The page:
Your home office and capital gains tax
Do you work from home? With a growing number of home-based businesses, the tax office now has you on their radar, so know your capital gains tax.
What is capital gains tax and why do you need to know about it?
Capital gains tax is a tax payable when a gain is made on the sale of a capital asset, such as your home.
Generally the sale of your home will be exempt from paying capital gains tax, unless your home was used to run a business. Where this is the case, the way you set up your home office and claimed running and occupancy expenses will determine how much capital gains tax, if any, you’ll need to pay.
If you run a business and work from home there are generally three ways you can claim a tax deduction for running and occupancy expenses
1. You can use the ATO set rate of 34 cents per hour which covers gas, electricity and office furniture
"If the ATO come knocking they will expect to see exact measurements."
You would use this method where you don’t have a home office set aside exclusively for your business. You can be working from any room in the home as long as no other family member is using the room at the same time as you are. Under this method, occupancy expenses such as rates, water and interest on your mortgage will not be tax deductible and your home will generally not be subject to capital gains tax.
2. Actual running costs
If you don’t have a home office set aside exclusively for your business, instead of using the ATO rate of 34 cents you can work out the actual hourly cost of your electricity and gas in the room you’re working in. You will also be able to claim the actual cost of your office furniture. You won’t, however, be able to claim home occupancy expenses, and your home will generally not be subject to capital gains tax..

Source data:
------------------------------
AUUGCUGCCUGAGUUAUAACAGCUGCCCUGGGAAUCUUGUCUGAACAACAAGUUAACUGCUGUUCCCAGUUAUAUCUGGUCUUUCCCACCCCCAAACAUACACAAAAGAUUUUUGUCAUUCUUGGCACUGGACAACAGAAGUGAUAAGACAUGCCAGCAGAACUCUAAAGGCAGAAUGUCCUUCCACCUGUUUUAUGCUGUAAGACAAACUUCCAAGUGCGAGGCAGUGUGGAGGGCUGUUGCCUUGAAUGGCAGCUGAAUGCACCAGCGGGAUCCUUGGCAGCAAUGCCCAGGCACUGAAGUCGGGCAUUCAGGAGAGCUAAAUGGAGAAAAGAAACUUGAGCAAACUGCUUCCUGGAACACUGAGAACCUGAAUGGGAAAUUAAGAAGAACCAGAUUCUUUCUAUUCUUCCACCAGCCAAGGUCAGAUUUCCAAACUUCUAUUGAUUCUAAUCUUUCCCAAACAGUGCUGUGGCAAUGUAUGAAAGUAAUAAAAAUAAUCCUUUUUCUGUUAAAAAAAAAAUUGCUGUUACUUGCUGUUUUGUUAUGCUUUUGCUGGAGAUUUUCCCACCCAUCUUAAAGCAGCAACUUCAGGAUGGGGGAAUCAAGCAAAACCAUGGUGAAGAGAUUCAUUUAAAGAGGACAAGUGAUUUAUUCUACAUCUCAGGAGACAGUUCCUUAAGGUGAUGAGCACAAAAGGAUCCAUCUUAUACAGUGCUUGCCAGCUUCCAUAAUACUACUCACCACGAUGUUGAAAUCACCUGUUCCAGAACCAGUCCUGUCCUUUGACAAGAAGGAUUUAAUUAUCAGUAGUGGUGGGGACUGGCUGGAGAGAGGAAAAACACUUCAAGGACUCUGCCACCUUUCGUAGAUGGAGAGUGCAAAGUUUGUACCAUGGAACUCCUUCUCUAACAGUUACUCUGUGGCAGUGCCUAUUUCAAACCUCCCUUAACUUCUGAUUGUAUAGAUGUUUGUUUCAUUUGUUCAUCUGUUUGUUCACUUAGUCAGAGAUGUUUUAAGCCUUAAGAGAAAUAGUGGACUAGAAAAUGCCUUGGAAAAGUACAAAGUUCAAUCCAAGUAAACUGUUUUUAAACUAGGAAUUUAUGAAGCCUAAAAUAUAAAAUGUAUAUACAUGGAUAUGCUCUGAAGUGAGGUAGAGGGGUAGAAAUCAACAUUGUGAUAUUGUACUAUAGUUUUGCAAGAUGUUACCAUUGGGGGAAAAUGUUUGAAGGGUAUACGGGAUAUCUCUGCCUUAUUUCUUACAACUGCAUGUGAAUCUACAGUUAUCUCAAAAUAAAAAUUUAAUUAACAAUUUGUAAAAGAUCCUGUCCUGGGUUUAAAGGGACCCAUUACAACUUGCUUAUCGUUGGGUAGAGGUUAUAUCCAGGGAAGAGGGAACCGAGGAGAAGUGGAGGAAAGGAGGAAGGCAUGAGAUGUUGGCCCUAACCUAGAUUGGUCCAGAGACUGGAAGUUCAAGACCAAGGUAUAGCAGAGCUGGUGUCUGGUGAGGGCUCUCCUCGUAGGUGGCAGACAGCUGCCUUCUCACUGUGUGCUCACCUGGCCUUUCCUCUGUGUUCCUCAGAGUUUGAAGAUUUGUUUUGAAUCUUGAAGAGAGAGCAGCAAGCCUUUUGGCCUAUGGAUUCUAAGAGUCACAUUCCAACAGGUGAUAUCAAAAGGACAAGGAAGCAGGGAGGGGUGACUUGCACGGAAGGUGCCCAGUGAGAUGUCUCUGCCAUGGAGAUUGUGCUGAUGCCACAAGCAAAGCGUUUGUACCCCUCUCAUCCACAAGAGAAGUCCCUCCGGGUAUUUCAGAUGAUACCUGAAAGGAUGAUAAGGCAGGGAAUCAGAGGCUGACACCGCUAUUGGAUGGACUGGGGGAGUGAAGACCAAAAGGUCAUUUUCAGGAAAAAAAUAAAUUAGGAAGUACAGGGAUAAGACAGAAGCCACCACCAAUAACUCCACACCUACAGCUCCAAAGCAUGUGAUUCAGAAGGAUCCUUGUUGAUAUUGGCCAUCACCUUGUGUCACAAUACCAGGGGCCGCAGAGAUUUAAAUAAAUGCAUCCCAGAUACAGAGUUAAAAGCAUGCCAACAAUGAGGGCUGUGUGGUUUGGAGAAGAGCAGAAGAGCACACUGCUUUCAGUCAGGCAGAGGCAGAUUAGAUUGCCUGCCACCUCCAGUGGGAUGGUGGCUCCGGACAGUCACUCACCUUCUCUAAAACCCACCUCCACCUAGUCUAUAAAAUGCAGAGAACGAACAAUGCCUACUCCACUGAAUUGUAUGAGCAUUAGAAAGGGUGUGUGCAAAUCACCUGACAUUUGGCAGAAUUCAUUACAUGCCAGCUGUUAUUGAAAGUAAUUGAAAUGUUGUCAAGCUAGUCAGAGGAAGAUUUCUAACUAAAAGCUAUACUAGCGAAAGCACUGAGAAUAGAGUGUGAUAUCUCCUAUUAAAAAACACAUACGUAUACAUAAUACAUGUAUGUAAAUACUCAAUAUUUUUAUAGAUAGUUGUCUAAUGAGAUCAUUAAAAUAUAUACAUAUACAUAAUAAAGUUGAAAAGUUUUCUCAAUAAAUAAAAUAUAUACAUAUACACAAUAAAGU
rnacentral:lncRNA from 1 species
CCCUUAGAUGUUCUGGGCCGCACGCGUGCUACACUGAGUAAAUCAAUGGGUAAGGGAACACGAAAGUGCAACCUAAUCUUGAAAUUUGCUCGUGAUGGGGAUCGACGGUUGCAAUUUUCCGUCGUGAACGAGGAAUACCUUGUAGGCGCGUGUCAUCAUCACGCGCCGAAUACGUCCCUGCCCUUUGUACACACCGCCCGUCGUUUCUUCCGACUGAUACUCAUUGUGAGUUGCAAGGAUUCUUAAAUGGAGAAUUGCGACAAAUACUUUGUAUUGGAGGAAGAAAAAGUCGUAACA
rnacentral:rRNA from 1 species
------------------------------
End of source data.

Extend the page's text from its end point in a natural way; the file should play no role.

3. Claiming occupancy and running expenses using the floor area of your home
To use this method you must pass what’s called ‘The Interest Deductibility Test’. To pass the interest deductibility test you must have part of your home set aside exclusively as a place of business and it must be clearly identifiable as such. You may then be able to claim occupancy expenses such as rates, water, interest on your mortgage, and rent based on the floor area of your home office.
For running expenses such as electricity and gas you can use the floor area of your home office to make an estimate, or you can calculate the actual cost per hour.
If you’re eligible to claim home occupancy expenses on a floor area basis, then a portion of your house will be subject to capital gains tax. But here’s the catch; many small business owners believe if they don’t claim any home occupancy expenses in their tax return they will avoid subjecting their family home to capital gains tax. Not true. Unfortunately if you pass the interest deductibility test the Tax Office can force you to pay capital gains tax regardless of the fact you haven’t claimed any expenses as a tax deduction.
If you run a business from home, consider the following points:
Get a valuation on your home as soon as you start using a separate room to run your business. Get another valuation when you stop using that room or you cease business. If you don’t do this then the ATO will average out your capital gain over the period you owned your home, and this could result in you paying tax on a much larger capital gain.
- Talk to your accountant. Find out how they are claiming your home office expenses. Discuss whether it’s worth subjecting your house to capital gains or whether you may be better off sharing your home office with family, and claiming 34 cents per hour as a tax deduction.
- If using the floor area to claim your expenses, make sure it’s accurate and not just a guess. If the ATO come knocking they will expect to see exact measurements.
- Not everything revolves around tax. A separate area to run your business and shut yourself away is imperative for some people regardless of the fact that it may result in a capital gain.
As you can see, capital gains tax is a comprehensive area, but if you know your ‘gains’ you’ll avoid a loss.
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